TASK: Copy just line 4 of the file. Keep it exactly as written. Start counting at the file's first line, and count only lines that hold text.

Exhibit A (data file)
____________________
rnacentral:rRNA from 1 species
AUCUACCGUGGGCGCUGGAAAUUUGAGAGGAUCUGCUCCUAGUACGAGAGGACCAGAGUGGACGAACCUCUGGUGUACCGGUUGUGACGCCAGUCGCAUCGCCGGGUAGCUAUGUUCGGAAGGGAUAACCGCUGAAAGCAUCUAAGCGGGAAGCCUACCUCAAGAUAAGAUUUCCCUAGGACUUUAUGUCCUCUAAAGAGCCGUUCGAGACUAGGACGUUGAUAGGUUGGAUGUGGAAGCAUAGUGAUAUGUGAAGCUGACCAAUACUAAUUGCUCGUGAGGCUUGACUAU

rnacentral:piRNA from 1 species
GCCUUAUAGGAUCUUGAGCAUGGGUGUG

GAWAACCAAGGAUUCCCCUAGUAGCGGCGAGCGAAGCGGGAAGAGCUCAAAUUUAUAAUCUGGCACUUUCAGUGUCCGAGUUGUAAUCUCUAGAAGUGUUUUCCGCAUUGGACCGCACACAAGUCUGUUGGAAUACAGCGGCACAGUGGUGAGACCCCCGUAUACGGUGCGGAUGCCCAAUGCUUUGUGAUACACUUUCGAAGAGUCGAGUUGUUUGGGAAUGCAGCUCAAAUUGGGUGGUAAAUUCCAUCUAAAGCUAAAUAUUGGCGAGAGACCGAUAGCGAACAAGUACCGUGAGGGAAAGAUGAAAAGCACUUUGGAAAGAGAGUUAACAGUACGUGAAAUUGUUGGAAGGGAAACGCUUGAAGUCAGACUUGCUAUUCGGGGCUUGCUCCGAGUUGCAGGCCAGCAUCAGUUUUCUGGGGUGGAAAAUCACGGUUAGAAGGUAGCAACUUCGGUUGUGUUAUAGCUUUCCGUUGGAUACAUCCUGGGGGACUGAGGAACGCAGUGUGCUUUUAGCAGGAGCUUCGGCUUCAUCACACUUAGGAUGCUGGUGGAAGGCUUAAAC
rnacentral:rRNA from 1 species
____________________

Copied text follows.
GCCUUAUAGGAUCUUGAGCAUGGGUGUG